WASHINGTON (Reuters) - With President Barack Obama's political fortunes on the line, Democrats in Congress vowed on Monday to push healthcare reform through the Senate with or without Republican support.
"No matter what happens we are going to enact healthcare reform by the end of the year," said Senator Charles Schumer, one of the Democrats who has been working with Republicans to craft a bipartisan plan in that chamber.
Obama has made overhaul of the $2.5 trillion healthcare system this year his top domestic priority, saying it is central to long-term economic recovery, and its success or failure could define his presidency.
Obama and the Democrats who control Congress say now is the time to move on healthcare, before lawmakers become entangled in fighting for their re-election next year.
But that plan has run into problems. The health insurance industry is revving up its lobbying against sweeping reforms; Republicans decry as "socialist" a proposed government-run health plan; the public is wary of the cost. And the Democrats are divided over how to pay for it all.
While Obama has set the overall goals of expanding insurance coverage to most Americans and holding down skyrocketing medical costs, he has left the tough details to lawmakers in the Democratic-controlled House and Senate.
The result is that Democrats have been squabbling among themselves while Republicans have sat back grinning.
Obama has called Senate Democrats to a White House meeting on Tuesday where healthcare is expected to be a major topic.
Four congressional committees, one in the Senate and three in the House of Representatives, have approved sweeping healthcare overhaul legislation without a single Republican supporting the bills. But fiscally conservative Democrats had to be brought on board with ideas that may lose liberal votes.
Taking a different approach, Senate Finance Committee leaders have been trying to hammer out a bipartisan package, but Democratic leaders want them to wind up by September 15.
"I think the timeline is more than fair," Schumer said. "If we cannot produce a bipartisan solution by then, you have to wonder if the Republicans would ever be willing to agree to anything."
He said Democrats were prepared to consider some "contingencies" for pushing a bill through Congress if Finance Committee negotiators -- three Democrats and three Republicans, fail to produce a bipartisan bill.
"These plans will likely be considered only as a last resort, but make no mistake about it, they remain on the table," Schumer said. "Health reform is just too important to let this window pass by."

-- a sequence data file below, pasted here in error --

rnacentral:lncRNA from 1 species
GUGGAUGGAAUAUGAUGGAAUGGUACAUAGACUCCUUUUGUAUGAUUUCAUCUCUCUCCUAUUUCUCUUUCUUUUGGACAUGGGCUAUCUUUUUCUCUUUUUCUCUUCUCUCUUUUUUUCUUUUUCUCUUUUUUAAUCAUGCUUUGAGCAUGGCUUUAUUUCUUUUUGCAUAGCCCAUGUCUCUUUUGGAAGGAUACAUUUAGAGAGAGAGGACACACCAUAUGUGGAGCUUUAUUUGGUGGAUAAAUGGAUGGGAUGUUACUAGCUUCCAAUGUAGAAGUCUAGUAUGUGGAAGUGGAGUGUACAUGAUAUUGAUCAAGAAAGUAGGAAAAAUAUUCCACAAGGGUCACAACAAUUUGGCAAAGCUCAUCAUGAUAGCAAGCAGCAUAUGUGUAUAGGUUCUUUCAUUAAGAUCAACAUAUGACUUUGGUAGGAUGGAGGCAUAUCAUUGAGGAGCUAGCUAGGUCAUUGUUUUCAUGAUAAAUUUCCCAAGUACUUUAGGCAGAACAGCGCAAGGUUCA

In one encouraging sign, Senator Charles Grassley, the chief Republican healthcare negotiator, told Radio Iowa he thought the timing could be right for passage by the end of November -- if they reach a deal in early September.
PLAYING BY SENATE RULES
If no bipartisan plan can be brought up in the Senate, among the contingencies Democrats could turn to is a budget procedure known as "reconciliation." That would give the healthcare bill privileged status and allow it to pass with a simple 50 vote majority rather than the 60 votes usually needed to advance legislation in the 100-member Senate.
Democrats control 60 votes in the Senate, but may need some Republican support to overcome procedural hurdles. Senators Edward Kennedy and Robert Byrd are seriously ill and have missed most votes this year.
The healthcare overhaul is one of the most complex legislative attempts by Congress. It carries a pricetag of $1 trillion over 10 years, is more than 1,000 pages long, and will place new obligations on every American and all businesses operating in the United States.
It would set up a government-run insurance plan to compete with private insurers, an idea branded by Republicans as a government takeover of the medical and insurance industry. The Senate Finance Committee is looking at a compromise that would set up nonprofit cooperatives to compete with private insurers.
The bills would require Americans to buy health insurance, help those who cannot afford it, and oblige most large and many small employers to contribute to the cost for their workers.
The insurance industry would see reforms that would bar them from charging more or refusing to cover people because of their medical histories. And doctors and hospitals would see their Medicare payments based on quality of care not the number of services they order.
(Editing by Chris Wilson)